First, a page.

Results gained from the aforementioned tasks will be combined with data gained from ocean sea travel modelling to characterise the likeliest maritime connections. Lastly, information derived from historical and comparative linguistics will also be considered in order to test the putative contribution of the Bell Beaker Phenomenon to the diffusion of Indo-European languages.

Plank-built boats occurred in the British Isles in the early 2nd millennium BC, and their development is strongly connected with the use of tin-bronze tools. The boats demanded a huge investment of labour, materials, and technology. Rock art and metal axes indicate a rapid spread of this technology to Scandinavia. These larger and more seaworthy vessels facilitated the maritime trade of metals. Recent research suggests the amount of metal arriving in Scandinavia increased rapidly between ~1600 BC and ~1500 BC to a yearly consumption of ~1–2 ton of copper.

These boats also spurred the rise of new maritime institutions, a new class of mobile warriors able to raid, trade and intimidate. Of specific interest for this sub-project is to investigate the potential Bronze Age plank-built boat from Gullåkra, Scania. This site has not yet been investigated, and this subproject includes 4 years of investigations there.

We will also investigate remains of plank-built boat from different museums in Sweden. New research on Bronze Age trade demonstrates that different regions competed in gaining maritime comparative advantages by investing in boats and crew for long-distance exchange, and recent perspectives analyse trading and conflict as interrelated phenomena.

Subproject 4The Atlantic North and the Iberian Peninsula: Contacts ~1400/1300–600 BC, led by Durham University, United Kingdom, investigates maritime connections between Iberia and Scandinavia during the Late Bronze Age through archaeological, anthropological, linguistic and genetic data.

We will characterize and date prehistoric mining in southern Iberia through fieldwork at key mining sites. We will model the circulation of metals through ‘fingerprinting’ chemically and isotopically copper ores collected from fieldwork across southern Iberia and metal artefacts from museums.

Comparative analyses will also be performed on samples obtained from other regions of Atlantic Europe. We will reconstruct Post-Proto-Indo-European vocabulary through the study of words and Late Bronze Age rock art.

We will use aDNA and stable isotope analysis of human samples, jointly with state-of-the-art ocean modelling techniques, to reconstruct human mobility patterns from Iberia to the Atlantic north.  

Map, subproject 2.

Research areas

We propose a transdisciplinary approach building on data, methods, and theories from six discourses.

The goal of the Maritime Encounters’ Ethnographic Research Project is to explore the role that traditional watercraft, secret societies, and long-distance exchange may have played in the rise of social complexity cross-culturally. Special emphasis is placed on identifying and documenting the socio-cultural processes that may have contributed to the rise of social complexity in Scandinavia during the Bronze Age.

To date, research on the following has been conducted:

  • 1) The construction of moose-hide boats among the Dene of Canada,
  • 2) The relationship between traditional watercraft, long distance exchange, and political consolidation among the Chumash of southern California,
  • 3) The construction techniques of traditional watercraft among the Haida of Canada, and
  • 4) The relationship between secret societies, long-distance exchange, and political consolidation among the Nuxalk (Bella Coola) of Canada.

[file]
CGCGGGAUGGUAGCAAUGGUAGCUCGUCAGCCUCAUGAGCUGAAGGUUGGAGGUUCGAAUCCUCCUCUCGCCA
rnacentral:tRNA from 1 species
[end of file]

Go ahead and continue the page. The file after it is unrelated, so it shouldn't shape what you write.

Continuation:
Evidence of boats and boatbuilding

Maritime technology played a central role in the movement of peoples and goods along coasts and inland waterways in prehistoric times. ‘Maritime Encounters’ aim to explore;

  • (1) the interactions between hunter-gatherer and farming communities in Scandinavia and the Baltic Sea in the 4th and 3rd millennia BC,
  • (2) the movement of Bell Beaker communities in the mid-3rd millennium BC - from Iberia to the British Islands and Norway,
  • (3-4) the trade networks along the Atlantic façade in connection with the copper and tin industry from c. 2000 – 800 BC.

Understanding the boats and the available technology that made these maritime interactions possible – be it in skin boats, log boats or more complex plank-built vessels – lies at the heart of this project.

The boat is often described as the most complex construction a society could produce and is at its most basic a function of available resources, boat building technologies, tools and needs.

Part of this project will involve investigating each of these aspects to better understand the role of boats and seafaring while bearing in mind the ‘needs’ that might have underpinned certain events.

For this reason, not only direct evidence of boats and boat technologies is being collated and studied but also indirect evidence such as boat depictions in rock art and other media, boat shaped objects and models, stone monuments set in the shape of vessels, ship-settings, as well inherited maritime vocabulary. Furthermore, anthropological and ethnological comparative data will be examined.

One of the main aims of the project “Maritime Encounters: a counterpoint to the dominant terrestrial narrative of European prehistory”, is to deepen knowledge concerning the development of more advanced sea craft constructions and to identify places where boats might have been built, considering both direct and indirect evidence.

In Scandinavia, direct knowledge of Neolithic and Bronze Age watercraft technology is mainly based on finds of log boats, in some cases with signs of more advanced techniques where planks have been added to the log to increase seaworthiness. At present, there are no recorded finds of well-preserved advanced, plank-built Bronze Age boats or ships from Scandinavia, just small parts of boats 14C-dated to the Late Bronze Age.